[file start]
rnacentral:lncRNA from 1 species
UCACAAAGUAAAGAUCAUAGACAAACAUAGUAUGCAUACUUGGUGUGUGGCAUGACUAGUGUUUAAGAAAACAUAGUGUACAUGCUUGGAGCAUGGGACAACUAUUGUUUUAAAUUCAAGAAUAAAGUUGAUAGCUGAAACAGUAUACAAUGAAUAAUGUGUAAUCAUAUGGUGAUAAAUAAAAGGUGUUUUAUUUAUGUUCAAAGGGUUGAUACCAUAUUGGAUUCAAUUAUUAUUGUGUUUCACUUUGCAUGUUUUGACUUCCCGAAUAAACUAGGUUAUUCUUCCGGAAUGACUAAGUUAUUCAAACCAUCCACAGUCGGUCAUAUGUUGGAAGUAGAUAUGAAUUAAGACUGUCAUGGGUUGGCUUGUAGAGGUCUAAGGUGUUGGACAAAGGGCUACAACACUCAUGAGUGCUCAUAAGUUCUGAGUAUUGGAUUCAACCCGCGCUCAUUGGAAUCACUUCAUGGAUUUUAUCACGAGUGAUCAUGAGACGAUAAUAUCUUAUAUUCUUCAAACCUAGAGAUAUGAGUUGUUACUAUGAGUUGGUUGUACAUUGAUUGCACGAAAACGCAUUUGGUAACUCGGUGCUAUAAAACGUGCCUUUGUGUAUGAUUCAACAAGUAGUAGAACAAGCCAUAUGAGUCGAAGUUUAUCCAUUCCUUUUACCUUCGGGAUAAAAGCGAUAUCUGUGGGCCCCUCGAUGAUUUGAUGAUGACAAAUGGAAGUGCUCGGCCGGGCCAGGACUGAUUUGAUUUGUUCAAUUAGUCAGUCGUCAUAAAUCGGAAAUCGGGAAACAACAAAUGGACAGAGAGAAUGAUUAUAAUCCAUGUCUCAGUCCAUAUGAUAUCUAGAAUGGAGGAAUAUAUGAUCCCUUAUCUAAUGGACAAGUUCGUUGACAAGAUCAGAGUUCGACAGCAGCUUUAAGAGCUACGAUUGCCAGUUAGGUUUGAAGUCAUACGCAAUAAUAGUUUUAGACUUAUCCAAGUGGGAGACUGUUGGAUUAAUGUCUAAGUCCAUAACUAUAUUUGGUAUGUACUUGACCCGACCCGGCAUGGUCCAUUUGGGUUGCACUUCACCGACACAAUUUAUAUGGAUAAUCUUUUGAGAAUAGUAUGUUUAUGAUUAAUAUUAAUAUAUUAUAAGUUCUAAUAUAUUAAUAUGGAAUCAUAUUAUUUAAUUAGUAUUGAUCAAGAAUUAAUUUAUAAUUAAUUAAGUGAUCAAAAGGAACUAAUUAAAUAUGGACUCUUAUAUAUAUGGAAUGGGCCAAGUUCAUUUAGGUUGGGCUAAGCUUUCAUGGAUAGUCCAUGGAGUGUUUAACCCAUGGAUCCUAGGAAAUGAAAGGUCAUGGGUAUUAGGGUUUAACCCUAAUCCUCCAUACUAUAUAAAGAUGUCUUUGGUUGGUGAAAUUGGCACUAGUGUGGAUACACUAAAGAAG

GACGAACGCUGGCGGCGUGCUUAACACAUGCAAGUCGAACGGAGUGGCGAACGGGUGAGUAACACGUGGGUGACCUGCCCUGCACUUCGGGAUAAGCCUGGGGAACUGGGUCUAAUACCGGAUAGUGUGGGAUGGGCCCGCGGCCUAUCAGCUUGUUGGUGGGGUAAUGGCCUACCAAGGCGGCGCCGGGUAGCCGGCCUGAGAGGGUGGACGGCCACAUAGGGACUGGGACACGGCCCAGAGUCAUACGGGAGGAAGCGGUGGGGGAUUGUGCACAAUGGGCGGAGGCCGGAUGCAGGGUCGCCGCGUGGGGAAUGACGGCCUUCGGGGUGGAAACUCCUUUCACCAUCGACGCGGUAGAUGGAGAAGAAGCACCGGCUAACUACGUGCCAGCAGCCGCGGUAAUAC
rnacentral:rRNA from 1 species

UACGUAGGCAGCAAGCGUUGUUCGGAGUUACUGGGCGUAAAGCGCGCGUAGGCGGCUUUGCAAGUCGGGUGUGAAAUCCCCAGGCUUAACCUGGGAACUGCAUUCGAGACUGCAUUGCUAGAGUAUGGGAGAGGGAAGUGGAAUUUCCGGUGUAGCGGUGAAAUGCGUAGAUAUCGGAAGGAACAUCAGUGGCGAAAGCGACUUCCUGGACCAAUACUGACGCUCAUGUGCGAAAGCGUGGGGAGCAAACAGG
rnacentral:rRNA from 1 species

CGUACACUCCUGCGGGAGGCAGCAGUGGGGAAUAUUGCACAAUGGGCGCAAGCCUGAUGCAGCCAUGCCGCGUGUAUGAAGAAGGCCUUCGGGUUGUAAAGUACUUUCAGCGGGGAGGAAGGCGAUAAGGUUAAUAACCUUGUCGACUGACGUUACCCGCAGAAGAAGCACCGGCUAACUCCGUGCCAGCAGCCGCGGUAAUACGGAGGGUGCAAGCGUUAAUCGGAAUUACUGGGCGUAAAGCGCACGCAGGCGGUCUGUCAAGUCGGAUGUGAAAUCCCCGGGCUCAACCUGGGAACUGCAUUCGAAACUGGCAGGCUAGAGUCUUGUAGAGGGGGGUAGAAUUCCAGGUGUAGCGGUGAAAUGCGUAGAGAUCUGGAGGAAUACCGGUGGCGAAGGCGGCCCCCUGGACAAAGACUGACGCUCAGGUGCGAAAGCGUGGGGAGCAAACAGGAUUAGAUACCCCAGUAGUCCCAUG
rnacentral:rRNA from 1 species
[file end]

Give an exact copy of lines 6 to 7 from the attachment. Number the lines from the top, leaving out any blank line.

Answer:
rnacentral:rRNA from 1 species

CGUACACUCCUGCGGGAGGCAGCAGUGGGGAAUAUUGCACAAUGGGCGCAAGCCUGAUGCAGCCAUGCCGCGUGUAUGAAGAAGGCCUUCGGGUUGUAAAGUACUUUCAGCGGGGAGGAAGGCGAUAAGGUUAAUAACCUUGUCGACUGACGUUACCCGCAGAAGAAGCACCGGCUAACUCCGUGCCAGCAGCCGCGGUAAUACGGAGGGUGCAAGCGUUAAUCGGAAUUACUGGGCGUAAAGCGCACGCAGGCGGUCUGUCAAGUCGGAUGUGAAAUCCCCGGGCUCAACCUGGGAACUGCAUUCGAAACUGGCAGGCUAGAGUCUUGUAGAGGGGGGUAGAAUUCCAGGUGUAGCGGUGAAAUGCGUAGAGAUCUGGAGGAAUACCGGUGGCGAAGGCGGCCCCCUGGACAAAGACUGACGCUCAGGUGCGAAAGCGUGGGGAGCAAACAGGAUUAGAUACCCCAGUAGUCCCAUG